Measuring plasma leptin and insulin levels
Plasma from mice on one month HFD/CD was isolated and leptin levels were assayed by ELISA (EMD Millipore, Billerica, MA). Similarly, insulin levels were assessed using ELISA (Crystal Chem, Grove, IL). ELISA analyses were performed according to manufacturers’ instructions.
Hypothalamic IL-1β analysis
For hypothalamic IL-1β western blots, the hypothalamus was dissected from surrounding brain parenchyma and homogenized in RIPA buffer containing protease and phosphatase inhibitors (Fisher). Equal amounts of protein were resolved using SDS-Page and subjected to immunoblotting using the following antibodies: goat anti-IL-1β (1:1000, R&D Systems, Minneapolis, MN AF-401), and mouse anti-Actin (1:5000, Santa Cruz, Dallas, TX, sc-47778). Blots were quantified using densitometry (ImageJ). IL-1 β was normalized to Actin bands.
Intraperitoneal glucose tolerance test (IPGTT) and insulin tolerance test (IPITT)
For IPGTT, mice were fasted for 5 h and blood glucose levels were measured. Following an injection of glucose i.p. (1.5 g/kg bodyweight), glucose was measured at 15 min intervals up to 120 min. For IPITT, mice were fasted for 5 h and glucose was measured at 15 min intervals following an injection of insulin i.p. (0.75 U/kg bodyweight). Area under the curve was calculated using the trapezoid method in Excel (Microsoft).
RNA-Seq and bioinformatics analysis
Bone marrow-derived macrophages (BMDMs) were isolated from LysM and K2KO mice at 3 months of age by flushing femurs and tibia with cold PBS and culturing single cell suspensions in L929 fibroblast-conditioned DMEM media with 10% FBS. Four mice per group were used in sequencing experiment. RNA isolation was performed using the RNeasy kit (Qiagen, Hilden, Germany). cDNA sequencing libraries were prepared using the Illumina TruSeq Stranded Total RNA kit and sequenced on a Illumina HiSeq 2500 platform. Reads from each sample were aligned to the mouse genome (UCSC mm10) using TopHat229. Macrophage gene expression was quantitated as fragments per kilobase of transcript per million mapped reads (FPKM) using Cufflinks30. A total of 1465 differentially expressed genes (DEGs) were identified and were defined as genes having absolute log2 fold change > 0.26 (1.2 fold change), and an adjusted p-value cutoff q < 0.05. Gene set enrichment analysis was performed using GenePattern and the Gene Set Enrichment Analysis (GSEA) toolset and the Molecular Signature Database (MSigDB) from the Broad Institute, which identified significantly enriched pathways and gene ontology terms using a FDR < 0.05 significance cutoff. For hierarchal heatmap clustering, DEGs from the MEMN geneset were input into iDEP31. Additional gene ontology analyses based on this heatmap were also performed using iDEP.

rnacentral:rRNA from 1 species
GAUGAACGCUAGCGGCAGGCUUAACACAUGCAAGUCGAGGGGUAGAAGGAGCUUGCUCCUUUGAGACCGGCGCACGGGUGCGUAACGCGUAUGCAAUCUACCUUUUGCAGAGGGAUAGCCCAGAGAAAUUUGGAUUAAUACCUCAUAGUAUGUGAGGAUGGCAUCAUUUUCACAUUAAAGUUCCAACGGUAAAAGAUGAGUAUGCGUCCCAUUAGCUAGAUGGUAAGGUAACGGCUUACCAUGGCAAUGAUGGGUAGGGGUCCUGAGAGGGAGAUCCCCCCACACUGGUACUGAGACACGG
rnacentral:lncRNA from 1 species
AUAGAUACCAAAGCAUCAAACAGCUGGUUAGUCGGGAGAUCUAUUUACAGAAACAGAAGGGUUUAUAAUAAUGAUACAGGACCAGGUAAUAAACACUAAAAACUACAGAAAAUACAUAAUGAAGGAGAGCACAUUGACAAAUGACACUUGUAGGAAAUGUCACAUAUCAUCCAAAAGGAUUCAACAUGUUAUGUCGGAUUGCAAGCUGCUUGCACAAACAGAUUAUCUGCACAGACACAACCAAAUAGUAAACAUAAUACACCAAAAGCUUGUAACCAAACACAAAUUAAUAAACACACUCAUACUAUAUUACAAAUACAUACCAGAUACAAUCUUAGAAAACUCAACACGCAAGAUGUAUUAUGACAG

Real-time quantitative RT-PCR